Election board to look into allegations of vote-rigging in Turkey’s southeast
Turkey’s Supreme Election Board (YSK) has announced that it will look into complaints regarding election safety issues in the Suruç district of the southeastern province of Şanlıurfa following claims of vote-rigging.
“Voting continues peacefully across the country and the turnout rate has been good,” Güven told state-run Anadolu Agency.
The main opposition Republican People’s Party (CHP) earlier on June 24 appealed to the YSK, asking the election body to take action following allegations regarding voting irregularities and other allegations that some election observers were not allowed to do their jobs and they were even attacked at balloting stations in Suruç and some other districts of Şanlıurfa, daily Cumhuriyet has reported.
Meanwhile, police captured four sacks full of official ballot papers in a car that they stopped by firing in the air.
Three people, who attempted to transfer the ballot papers to voting centers, were detained, according to Demirören News Agency.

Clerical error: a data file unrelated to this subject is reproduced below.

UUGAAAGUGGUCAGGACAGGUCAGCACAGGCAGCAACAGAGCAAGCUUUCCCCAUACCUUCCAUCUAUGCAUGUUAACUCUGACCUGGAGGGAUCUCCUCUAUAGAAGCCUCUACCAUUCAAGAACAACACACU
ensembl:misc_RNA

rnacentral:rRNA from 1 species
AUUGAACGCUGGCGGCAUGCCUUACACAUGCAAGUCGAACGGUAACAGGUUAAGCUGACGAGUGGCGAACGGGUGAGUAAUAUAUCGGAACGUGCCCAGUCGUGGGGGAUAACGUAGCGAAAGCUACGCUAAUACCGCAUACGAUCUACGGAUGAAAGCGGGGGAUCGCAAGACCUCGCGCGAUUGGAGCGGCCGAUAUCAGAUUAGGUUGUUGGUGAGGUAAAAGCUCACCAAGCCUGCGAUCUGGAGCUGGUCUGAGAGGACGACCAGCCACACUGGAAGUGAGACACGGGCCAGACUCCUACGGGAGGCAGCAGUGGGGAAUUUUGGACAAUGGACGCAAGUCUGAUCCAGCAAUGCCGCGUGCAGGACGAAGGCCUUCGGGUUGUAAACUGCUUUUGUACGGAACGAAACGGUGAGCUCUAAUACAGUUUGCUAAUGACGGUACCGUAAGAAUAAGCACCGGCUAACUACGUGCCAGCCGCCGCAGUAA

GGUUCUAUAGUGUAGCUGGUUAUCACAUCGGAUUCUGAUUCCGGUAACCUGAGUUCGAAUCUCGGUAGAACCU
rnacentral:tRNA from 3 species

Tension was running high in Suruç even before the elections.
Three people were killed and nine were injured in an armed clash during an election tour of a delegation from the ruling Justice and Development Party (AKP) in Suruç on June 14.
The delegation, led by AKP MP İbrahim Yıldız, was visiting local shopkeepers in Suruç’s Cumhuriyet neighborhood ahead of the polls.
A group of shopkeepers initially engaged in a heated argument with the AKP delegation, which eventually turned violent. Guns and clubs were used in the ensuing clash, reports said.
Three people, including Yıldız’s brother, were killed and nine, including Yıldız’s four other brothers, were reportedly injured.
Several officials of the Democratic Regions Party (DBP), a local affiliate of the Kurdish issue-focused Peoples’ Democratic Party (HDP), are among the casualties, local media reported.